The opening of the Louis Vuitton Foundation in Paris marks the start of another cultural chapter for the French capital, punctuated by Pritzker Prize winner Frank Gehry’s spectacular architecture.

Paris’ expansive green heart that is the Bois de Boulogne has long drawn a steady stream of admirers who come for the soothing surroundings and beautifully landscaped gardens. Established in the 1850s, during the reign of the Emperor Louis Napoleon, the Bois de Boulogne has transformed itself from being the preferred hunting grounds of French kings to the vibrant new heart for contemporary art and culture in Paris.


The last quarter of 2014, however, drew bigger crowds than ever before to the Bois. The reason? The opening of the Louis Vuitton Foundation or Fondation Louis Vuitton – a private cultural centre and contemporary art museum – housed in one of star-chitect Frank Gehry’s most spectacular designs to date.

Fans of the Pritzker Prize winner and talent behind some of the world’s best-known buildings, from the Guggenheim Museum in Bilbao to Prague’s Dancing House, have been making their way to the western edge of the city’s elegant 16th arrondissement where the foundation is located. The area is home to chic neighbourhoods as well as several cultural places of interest such as the Palais de Tokyo and the Musée Marmottan Monet.

Stretching out over 11,000 sq m, the gargantuan building draws gasps at first sight. Located on the frontier between the Bois and the Jardin d’Acclimatation, the foundation, fashioned out of 12 giant soaring glass sails, evokes images of romantic sailing vessels like a phinisi (a traditional Indonesian two-masted sailing ship). With each sail designed to provide stylish shelter for the foundation’s various galleries, it is a beautiful juxtaposition of nature and the man-made, as glass sails meet the tree-tops of centuries-old oak and beech trees. The space also houses a 350-seat auditorium, inaugurated with a performance by renowned Chinese pianist, Lang Lang, followed by a series of eight retrospective concerts by pioneering electronic group, Kraftwerk.

“I have always admired Frank Gehry, and I chose him after seeing his project in Bilbao,” Fondation Louis Vuitton President Bernard Arnault was once quoted as saying. “He is one of the greatest architects of our times, and I knew he would meet the challenge of designing an amazing monument of 21st century architecture,” said Arnault, who is also LVMH’s Chairman/CEO.

Certainly, the foundation’s first artistic statement proved to be impactful. The city’s mayor, Anne Hidalgo, called it “a gift for Paris”. Currently, fans of Gehry will be able to view Europe’s first major retrospective on the architecture of Frank Gehry, on until 16 March 2015, as well as a special solo exhibition by Olafur Eliasson titled Contact, which is designed to address that which lies at the edge of one’s senses and knowledge, until 16 February 2015. A sizeable permanent collection, belonging to the foundation or the Arnault Collection, will also be open for public viewing before finishing up on one of the terraces that look out onto exceptional views of Paris and its surrounds.

On the foundation, which took six years to be completed, Arnault had also said: “I want people who visit it to walk away knowing that Louis Vuitton is close to the arts and to illustrate the close relationship the brand has always had with the arts since the 19th century. I am also reminded of something Picasso once said that might well have served as our inspiration throughout this project: ‘Art wipes the soul clean of the dust of everyday life. A cleansed soul restores enthusiasm, and enthusiasm is what we – and future generations – need most’.”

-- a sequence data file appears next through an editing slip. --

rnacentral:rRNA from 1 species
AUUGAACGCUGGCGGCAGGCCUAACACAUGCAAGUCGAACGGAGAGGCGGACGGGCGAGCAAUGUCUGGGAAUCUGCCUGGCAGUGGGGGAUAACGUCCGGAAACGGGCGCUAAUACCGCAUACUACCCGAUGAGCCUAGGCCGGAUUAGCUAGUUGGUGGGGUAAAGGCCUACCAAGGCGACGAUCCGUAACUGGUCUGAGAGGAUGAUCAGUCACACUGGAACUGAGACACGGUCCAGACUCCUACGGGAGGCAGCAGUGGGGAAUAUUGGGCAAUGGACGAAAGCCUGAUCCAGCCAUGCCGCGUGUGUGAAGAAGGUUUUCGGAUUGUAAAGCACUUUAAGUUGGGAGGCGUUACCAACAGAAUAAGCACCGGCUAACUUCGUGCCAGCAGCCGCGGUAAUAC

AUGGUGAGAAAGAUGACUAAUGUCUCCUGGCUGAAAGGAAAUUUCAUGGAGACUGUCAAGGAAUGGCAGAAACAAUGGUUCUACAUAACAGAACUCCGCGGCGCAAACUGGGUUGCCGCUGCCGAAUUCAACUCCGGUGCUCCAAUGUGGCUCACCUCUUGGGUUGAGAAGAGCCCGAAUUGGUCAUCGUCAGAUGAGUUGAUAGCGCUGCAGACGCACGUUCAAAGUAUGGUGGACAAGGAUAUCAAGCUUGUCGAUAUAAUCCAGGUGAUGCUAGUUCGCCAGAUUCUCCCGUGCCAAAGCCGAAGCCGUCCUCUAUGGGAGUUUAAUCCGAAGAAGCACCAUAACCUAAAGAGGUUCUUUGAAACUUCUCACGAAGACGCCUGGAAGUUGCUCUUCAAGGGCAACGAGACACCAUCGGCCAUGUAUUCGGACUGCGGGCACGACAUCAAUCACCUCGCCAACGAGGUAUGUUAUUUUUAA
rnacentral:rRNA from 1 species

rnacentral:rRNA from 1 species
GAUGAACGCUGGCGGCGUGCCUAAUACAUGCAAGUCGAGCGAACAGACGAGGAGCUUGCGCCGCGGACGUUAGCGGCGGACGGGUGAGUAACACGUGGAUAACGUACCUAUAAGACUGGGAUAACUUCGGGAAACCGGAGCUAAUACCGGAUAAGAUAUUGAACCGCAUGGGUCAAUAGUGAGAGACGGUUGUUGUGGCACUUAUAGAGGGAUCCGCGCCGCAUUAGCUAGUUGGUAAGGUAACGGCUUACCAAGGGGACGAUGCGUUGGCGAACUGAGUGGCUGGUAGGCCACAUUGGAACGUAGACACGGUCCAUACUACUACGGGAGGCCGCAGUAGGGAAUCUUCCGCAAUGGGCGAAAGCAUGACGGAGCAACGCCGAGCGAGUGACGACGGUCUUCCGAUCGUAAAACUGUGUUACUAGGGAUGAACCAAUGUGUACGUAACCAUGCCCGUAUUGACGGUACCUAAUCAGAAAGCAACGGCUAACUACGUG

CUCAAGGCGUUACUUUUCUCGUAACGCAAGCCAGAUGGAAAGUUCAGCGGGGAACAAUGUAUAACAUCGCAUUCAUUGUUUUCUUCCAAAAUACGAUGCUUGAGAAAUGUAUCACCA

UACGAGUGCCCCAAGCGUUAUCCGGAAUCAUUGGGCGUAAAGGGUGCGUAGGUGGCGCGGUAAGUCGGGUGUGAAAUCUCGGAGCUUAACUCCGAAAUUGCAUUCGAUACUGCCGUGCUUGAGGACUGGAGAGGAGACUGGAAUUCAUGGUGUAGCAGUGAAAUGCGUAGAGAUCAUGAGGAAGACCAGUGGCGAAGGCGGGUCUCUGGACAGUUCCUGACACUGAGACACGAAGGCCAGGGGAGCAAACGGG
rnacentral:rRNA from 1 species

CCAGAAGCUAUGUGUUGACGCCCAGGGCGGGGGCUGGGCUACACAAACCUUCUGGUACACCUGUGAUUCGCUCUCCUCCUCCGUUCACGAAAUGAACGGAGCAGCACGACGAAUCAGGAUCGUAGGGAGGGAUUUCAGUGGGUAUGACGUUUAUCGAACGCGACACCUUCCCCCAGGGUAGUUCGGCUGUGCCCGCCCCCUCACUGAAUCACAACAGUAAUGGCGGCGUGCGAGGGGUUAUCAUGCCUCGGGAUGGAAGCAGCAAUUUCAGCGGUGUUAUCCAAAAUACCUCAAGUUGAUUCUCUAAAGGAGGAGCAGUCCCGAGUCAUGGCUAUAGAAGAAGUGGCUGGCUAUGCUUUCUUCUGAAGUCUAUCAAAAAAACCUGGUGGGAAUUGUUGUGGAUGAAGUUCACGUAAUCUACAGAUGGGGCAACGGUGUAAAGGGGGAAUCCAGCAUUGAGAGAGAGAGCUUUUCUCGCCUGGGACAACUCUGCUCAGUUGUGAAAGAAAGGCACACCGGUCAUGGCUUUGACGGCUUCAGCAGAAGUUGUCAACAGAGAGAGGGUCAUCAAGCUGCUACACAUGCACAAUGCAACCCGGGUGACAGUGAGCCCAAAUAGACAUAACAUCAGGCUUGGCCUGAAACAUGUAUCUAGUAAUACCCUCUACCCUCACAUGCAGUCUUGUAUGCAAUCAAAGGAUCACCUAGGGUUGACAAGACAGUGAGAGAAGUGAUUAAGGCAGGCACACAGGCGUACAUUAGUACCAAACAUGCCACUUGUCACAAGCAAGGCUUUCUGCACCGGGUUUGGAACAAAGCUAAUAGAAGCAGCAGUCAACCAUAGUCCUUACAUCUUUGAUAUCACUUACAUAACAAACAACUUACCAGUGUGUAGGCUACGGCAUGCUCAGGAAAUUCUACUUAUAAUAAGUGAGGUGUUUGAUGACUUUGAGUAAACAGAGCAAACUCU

The Peak talks to the legend and talent behind the Fondation Louis Vuitton.

Your latest project, the Fondation Louis Vuitton, has been described with many superlatives, including “fantastic”, “a glass masterpiece”, “a 21st century Grand Palais”. What would your own words be and why?
Because the site is in a garden, we needed to have a translucent building, something in the spirit of 19th-century garden pavilions. I wanted the building to reflect the changing sky and the trees in the jardin (garden). From the outside, its surroundings are reflected in the sails and, when you’re inside, you can look out and feel connected to the jardin. The entrance is meant to feel like a gateway to both the museum’s galleries and the jardin. I am a sailor and I thought of this building as a glass regatta moving through the park.

What were your first thoughts when Bernard Arnault approached you to do the project?
I always begin a project by understanding the goals of my client. Arnault had wanted a building that would encourage creativity and make contemporary art accessible. He had a programme and goals for how the building should function. That was our starting point. We explored different options for the building. Once we had the functional diagram, we began to explore the architectural expression of the building. We worked on all aspects of the design with Arnault.

Bernard Arnault also mentioned you were particularly inspired after visiting the Paris site together. Could you elaborate?
I became familiar with the Bois de Boulogne when I lived in Paris in the 1960s, and was overwhelmed with emotion when I visited it again with Arnault. I felt as though I was walking through the gardens in the footsteps of Marcel Proust. I felt the long history of the park and I knew I had a responsibility to create a design appropriate to this very special site. Also, the city’s 19th-century glass garden buildings were a reference.

You’ve had an amazing career but what have been the main highlights for you? 
I have a problem in that I don’t like to look backwards. I like to keep pushing forward.

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